Day 1

A New Command

from the One Another reading plan

John 13:31-35, John 15:1-17, Romans 13:8-10, Leviticus 19:18

BY Jessica Lamb

One evening in high school, I decided to make a quilt. So with mediocre sewing skills, my preconceived notions of the quilting process, and no further research, I got to work. Concert t-shirts, jeans, scraps of silk, an old volleyball jersey—I cut every spare piece of fabric I could find into messy, uneven squares. After arranging them into a haphazard pattern, I started sewing. The process did not go smoothly. I knew nothing of pre-washing fabrics, ironing seams, or how different materials would work alongside one another. But after months of tears and fighting with my sewing machine, I wrangled the material into something resembling a quilt top that my grandmother mercifully completed with a backing. 

The finished product has no business existing. It’s not much to look at, and it certainly fails to meet even the most generous standard for visual appeal. But to this day, I keep it in a basket next to my couch, carefully folded alongside the more meticulously crafted quilts I’ve inherited. It’s precious to me because, in spite of its flaws and shortcomings, it’s my own. 

My mind kept returning to my quilt as our team worked on this reading plan about life in Christian community. I don’t think I’m alone in feeling like life with other believers is often easier read about than lived. The family of God is messy. We’re a disparate group of individuals from every imaginable nation, ethnicity, family circumstance, and political affiliation. Each one of us has a story, and we bring our own history of wounds and wounding to the family table.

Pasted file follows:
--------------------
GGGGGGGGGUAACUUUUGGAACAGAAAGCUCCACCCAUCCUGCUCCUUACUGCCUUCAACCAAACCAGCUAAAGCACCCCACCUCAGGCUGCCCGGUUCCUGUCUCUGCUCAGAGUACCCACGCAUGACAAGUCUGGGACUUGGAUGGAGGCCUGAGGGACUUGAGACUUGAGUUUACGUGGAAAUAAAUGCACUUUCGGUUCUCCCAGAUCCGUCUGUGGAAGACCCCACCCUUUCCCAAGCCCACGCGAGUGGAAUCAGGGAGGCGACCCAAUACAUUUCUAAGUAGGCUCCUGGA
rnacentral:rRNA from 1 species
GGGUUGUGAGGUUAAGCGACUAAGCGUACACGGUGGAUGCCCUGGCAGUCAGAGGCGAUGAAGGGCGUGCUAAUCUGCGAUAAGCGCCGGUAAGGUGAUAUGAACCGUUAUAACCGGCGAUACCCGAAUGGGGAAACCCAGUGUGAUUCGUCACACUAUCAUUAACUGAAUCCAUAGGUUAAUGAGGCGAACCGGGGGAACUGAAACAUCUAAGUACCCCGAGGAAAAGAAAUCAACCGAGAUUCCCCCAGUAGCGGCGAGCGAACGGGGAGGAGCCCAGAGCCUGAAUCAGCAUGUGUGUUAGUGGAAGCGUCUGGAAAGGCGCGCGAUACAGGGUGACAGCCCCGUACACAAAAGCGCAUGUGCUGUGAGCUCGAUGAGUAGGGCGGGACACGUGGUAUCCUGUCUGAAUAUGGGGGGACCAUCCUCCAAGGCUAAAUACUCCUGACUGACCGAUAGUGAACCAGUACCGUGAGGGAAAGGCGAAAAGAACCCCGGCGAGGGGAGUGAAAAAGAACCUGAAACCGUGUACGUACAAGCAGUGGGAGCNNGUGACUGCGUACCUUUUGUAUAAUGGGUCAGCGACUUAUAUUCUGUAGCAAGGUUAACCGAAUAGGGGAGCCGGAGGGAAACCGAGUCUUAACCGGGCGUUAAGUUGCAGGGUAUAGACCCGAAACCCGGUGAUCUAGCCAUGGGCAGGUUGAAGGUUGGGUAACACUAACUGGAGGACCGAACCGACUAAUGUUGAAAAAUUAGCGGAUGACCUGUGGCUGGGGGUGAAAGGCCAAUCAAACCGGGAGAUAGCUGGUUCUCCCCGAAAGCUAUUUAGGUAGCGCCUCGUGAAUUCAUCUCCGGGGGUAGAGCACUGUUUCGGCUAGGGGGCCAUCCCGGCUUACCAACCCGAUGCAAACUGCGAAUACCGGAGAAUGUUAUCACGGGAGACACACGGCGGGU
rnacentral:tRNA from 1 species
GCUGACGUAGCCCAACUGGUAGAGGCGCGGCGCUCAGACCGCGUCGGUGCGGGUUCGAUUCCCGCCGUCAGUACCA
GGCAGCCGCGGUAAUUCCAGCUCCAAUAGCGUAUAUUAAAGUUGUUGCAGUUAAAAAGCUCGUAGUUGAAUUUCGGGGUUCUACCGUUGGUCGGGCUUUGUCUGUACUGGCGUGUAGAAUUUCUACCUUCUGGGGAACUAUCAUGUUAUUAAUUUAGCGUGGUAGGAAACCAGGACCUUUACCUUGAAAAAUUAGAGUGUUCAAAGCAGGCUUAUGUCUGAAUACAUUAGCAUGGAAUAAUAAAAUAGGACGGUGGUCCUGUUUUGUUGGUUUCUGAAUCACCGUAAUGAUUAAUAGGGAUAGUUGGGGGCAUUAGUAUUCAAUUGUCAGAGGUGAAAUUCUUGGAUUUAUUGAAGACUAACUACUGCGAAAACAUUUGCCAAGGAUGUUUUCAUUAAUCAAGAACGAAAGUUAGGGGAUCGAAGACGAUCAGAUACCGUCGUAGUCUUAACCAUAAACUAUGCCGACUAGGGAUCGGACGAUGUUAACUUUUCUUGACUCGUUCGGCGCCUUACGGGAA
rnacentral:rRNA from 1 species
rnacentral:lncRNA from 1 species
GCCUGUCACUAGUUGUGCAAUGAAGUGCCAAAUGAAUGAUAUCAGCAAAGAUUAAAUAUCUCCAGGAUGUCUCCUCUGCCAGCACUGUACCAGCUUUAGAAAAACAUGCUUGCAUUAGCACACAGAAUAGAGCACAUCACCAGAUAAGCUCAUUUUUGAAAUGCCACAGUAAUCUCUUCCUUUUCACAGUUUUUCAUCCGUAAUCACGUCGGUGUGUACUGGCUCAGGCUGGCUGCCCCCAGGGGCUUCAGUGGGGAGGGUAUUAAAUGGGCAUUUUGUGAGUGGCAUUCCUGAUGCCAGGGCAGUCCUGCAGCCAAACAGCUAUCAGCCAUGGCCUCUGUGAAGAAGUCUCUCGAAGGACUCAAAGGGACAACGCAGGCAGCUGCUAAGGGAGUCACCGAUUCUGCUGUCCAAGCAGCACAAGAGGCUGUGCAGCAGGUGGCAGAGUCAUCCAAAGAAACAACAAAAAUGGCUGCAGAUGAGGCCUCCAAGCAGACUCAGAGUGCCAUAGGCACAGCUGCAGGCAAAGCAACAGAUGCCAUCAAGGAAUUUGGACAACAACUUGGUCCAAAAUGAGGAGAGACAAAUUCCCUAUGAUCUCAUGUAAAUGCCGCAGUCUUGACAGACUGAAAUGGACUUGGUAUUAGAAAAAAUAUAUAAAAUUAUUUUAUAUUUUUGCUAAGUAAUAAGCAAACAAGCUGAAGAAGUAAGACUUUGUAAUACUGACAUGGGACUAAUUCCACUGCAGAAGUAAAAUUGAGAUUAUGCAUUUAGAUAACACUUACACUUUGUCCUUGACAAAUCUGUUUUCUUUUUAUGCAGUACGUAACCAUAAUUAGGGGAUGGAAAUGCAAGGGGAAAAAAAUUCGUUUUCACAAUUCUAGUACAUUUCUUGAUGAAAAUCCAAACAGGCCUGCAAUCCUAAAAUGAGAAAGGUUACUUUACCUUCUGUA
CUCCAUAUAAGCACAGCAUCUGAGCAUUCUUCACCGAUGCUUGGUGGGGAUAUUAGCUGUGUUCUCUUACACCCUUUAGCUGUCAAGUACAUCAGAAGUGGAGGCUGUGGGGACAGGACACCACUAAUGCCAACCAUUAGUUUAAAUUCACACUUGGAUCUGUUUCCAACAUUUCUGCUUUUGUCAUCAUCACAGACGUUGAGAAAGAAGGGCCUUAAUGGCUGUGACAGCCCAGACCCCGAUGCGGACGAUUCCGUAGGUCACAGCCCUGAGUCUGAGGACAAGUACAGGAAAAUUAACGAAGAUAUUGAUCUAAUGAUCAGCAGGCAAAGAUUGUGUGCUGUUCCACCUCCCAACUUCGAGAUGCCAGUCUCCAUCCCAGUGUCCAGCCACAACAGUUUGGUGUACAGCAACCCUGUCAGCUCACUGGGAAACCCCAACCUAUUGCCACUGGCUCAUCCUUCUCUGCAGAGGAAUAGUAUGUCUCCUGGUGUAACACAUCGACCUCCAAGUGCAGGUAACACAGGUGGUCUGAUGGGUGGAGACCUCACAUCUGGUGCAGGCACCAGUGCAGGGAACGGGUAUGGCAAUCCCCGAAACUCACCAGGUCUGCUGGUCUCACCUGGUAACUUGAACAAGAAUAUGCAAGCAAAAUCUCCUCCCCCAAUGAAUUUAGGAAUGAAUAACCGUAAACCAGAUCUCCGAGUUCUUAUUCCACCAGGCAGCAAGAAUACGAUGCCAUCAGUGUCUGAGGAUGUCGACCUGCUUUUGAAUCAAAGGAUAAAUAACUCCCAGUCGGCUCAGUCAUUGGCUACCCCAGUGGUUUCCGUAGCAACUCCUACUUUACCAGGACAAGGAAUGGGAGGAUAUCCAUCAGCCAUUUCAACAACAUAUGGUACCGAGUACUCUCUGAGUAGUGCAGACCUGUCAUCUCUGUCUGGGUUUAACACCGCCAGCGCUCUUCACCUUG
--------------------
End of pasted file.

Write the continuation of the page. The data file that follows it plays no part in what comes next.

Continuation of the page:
Thankfully, this isn’t new or surprising to God. From the first disciples and the early Church to our current cultural moment, the body of Christ has always been made up of believers who have no real reason for living in community together outside of the one reason that changes everything. Jesus brings each one of us mismatched pieces into something meticulously crafted and beautiful: His people, the body of Christ. 

“I give you a new command: Love one another. Just as I have loved you, you are also to love one another.”
—John 13:34

Over the next two weeks, we’ll read more of these “one another” commands. Each one describes what it looks like to love our brothers and sisters in Christ because of how we are loved by Him. These relationships are a means of radically reflecting Christ’s transforming love to each other and to the world around us. 

Learning to live well together with other believers is a good and worthwhile mission, even (or especially) when it isn’t easy. No matter where this day’s reading finds you, whether in a season of flourishing community or one of struggle and searching, my prayer is that we will be both challenged and encouraged together through these series of commands. 

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274 thoughts on "A New Command"

  1. Shelly Stubblefield says:

    Love is the key, Jesus wants us to understand how important this command is. Such a good reminder these days.

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